The Popular Mobilization Forces (PMF) are listed in the annex of the Secretary-General’s (SG) 2020 annual report on children and armed conflict (CAAC) for recruitment and use of children, and the Islamic State in Iraq and the Levant (ISIL) is listed for all five ‘trigger’ violations. In May, UNAMI’s mandate is up for renewal, pursuant to SCR 2522 (2020). In January, UNICEF confirmed two children were injured in an attack, and one child was killed and her sister wounded after coming into contact with an unexploded remnant of war. The SG’s recent report on conflict-related sexual violence (S/2021/312) highlights continuing challenges faced by children associated with ISIL, such as detention, stigma, displacement, risk of statelessness, and lack of access to identity documents or justice. In March, the Government passed the Yazidi Survivors Law, providing reparations and assistance to survivors from some minority groups. Watchlist’s recent report found that there is currently no national strategy or legal framework guiding the Government’s response to children associated with armed groups, and access to reintegration is often limited and short-term. The Security Council should:

  • Call on the Government to intensify efforts to remove administrative barriers hindering the delivery of humanitarian aid to civilians, including children, and to issue identification documents to allow all children to access public assistance and basic services;
  • Urge the Government to treat children affected by armed conflict primarily as victims and prioritize their reintegration, including those children formerly or allegedly associated with groups designated as terrorist, taking into account that detention should only be used as a last resort and for the shortest appropriate period of time;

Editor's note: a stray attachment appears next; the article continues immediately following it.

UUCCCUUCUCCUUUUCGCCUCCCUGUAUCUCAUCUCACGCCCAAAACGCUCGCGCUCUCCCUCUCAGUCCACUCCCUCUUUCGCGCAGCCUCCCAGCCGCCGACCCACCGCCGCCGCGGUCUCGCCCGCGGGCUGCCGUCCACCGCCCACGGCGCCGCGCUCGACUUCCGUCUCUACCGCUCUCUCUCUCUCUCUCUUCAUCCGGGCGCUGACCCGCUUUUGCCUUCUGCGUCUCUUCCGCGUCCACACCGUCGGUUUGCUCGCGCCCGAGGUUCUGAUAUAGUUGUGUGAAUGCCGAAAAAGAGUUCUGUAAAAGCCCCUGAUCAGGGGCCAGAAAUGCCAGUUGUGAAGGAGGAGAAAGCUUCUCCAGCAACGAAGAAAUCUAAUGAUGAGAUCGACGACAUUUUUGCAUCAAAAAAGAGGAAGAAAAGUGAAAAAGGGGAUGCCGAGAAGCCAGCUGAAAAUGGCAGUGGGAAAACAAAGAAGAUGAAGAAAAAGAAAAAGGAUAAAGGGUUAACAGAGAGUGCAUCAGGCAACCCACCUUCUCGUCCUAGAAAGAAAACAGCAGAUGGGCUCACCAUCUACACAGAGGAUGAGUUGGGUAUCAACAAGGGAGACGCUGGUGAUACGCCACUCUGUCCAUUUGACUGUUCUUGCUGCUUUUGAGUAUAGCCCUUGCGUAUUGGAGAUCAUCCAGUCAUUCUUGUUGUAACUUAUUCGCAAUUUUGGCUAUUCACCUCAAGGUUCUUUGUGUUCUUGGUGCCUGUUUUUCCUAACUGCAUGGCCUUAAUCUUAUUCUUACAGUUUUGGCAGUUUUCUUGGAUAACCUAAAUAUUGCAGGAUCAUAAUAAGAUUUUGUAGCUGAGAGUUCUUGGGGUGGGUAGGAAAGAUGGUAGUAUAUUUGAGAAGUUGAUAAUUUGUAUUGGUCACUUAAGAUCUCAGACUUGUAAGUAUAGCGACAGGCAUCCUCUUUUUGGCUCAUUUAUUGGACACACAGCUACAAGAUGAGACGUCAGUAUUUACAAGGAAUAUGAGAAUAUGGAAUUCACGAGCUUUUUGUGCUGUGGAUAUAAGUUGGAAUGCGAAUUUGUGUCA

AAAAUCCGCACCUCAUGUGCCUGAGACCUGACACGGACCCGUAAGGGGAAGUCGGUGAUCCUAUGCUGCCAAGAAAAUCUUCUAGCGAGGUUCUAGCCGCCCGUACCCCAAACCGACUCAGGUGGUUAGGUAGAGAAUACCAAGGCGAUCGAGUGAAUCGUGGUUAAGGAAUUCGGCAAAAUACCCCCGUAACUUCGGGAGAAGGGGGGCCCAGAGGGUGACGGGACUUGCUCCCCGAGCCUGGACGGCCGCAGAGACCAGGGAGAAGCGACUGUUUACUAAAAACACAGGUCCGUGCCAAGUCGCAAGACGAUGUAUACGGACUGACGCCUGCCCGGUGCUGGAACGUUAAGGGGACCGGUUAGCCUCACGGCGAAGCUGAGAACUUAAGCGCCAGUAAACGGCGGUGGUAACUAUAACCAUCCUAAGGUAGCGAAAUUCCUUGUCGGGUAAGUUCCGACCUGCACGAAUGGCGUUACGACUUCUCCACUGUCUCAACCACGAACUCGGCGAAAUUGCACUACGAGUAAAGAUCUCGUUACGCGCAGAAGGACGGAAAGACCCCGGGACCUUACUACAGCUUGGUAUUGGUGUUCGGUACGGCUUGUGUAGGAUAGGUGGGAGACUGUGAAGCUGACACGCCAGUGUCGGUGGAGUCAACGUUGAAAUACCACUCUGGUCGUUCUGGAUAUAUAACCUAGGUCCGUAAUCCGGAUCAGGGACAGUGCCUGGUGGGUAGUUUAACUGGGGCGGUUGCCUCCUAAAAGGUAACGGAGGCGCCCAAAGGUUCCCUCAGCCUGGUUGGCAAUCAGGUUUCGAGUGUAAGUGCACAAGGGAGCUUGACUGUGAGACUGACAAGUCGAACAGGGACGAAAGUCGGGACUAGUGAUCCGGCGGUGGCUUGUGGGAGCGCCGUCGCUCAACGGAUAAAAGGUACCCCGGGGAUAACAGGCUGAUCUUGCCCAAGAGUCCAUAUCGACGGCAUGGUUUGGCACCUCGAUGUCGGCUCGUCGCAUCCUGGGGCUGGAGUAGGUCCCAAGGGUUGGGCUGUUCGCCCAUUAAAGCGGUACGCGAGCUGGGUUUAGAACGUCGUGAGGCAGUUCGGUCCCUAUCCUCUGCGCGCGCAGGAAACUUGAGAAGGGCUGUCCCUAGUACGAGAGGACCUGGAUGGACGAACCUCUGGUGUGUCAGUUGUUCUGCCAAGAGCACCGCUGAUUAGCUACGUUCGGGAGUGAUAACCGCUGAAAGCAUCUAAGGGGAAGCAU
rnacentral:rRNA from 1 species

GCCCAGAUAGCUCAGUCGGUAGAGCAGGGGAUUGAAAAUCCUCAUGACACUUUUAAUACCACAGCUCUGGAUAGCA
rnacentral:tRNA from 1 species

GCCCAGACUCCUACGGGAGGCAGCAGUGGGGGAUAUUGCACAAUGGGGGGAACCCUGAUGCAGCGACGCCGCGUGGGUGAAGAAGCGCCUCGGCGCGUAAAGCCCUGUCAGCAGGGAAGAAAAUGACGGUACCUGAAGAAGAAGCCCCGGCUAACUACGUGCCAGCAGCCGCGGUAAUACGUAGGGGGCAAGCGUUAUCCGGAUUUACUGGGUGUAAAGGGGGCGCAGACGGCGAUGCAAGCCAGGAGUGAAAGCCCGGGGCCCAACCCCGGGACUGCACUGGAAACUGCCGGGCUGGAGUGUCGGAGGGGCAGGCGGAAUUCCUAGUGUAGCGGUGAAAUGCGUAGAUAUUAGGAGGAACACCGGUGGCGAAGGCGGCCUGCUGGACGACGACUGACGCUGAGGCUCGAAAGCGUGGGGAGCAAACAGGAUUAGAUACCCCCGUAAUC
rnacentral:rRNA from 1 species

• Encourage the Government to adopt and implement a handover protocol to facilitate the release of children to child protection actors for their reintegration;
  • Call on Member States to facilitate the return of their nationals, including children of their nationals, held for their or their family members’ actual or alleged association with ISIL, and to provide reintegration support in line with international standards and ensuring the best interests of the child.

The United States is the lead country on Iraq.

This information is based on Watchlist’s Children and Armed Conflict Monthly Update – May 2021.

UN Action

Year listed: 2009
Action Plans signed: No
Sanctions Committee: 1518 Sanctions Committee; ISIL (Da’esh) & Al-Qaida Sanctions Committee (Current Chair: Indonesia) 
Secretary-General’s reports on CAAC in Iraq: 20192015; 2011 
Security Council Working Group conclusions on Iraq: 2020; 2016; 2011
UN Mission: UNAMI

Perpetrators listed in the annexes of the Secretary-General’s annual reports on children and armed conflict

2001 2002 2003 2005 2006 2007 2009 2010 2011 2012 2013 2014 2015 2016 2017
Al-Qaida in Iraq (AQ-I)* a, b a a a, b, d a, b, d a,b,d
Islamic State of Iraq and the Levant (ISIL)* a, b a, b, d a, b, d a,b,d a,b,c,d a,b,c,d,e a,b,c,d,e
Popular mobilization forces a

a: Parties that recruit and use children
b: Parties that kill and maim children
c: Parties that commit rape and other forms of sexual violence against children

d: Parties that engage in attacks on schools and/or hospitals
e: Parties that engage in abduction of children
f: Parties that deny humanitarian access to children

~ This party has concluded an action plan with the United Nations in line with Security Council resolutions 1539 (2004) and 1612 (2005).
* This party has been in the annexes for at least five years and is therefore considered a persistent perpetrator.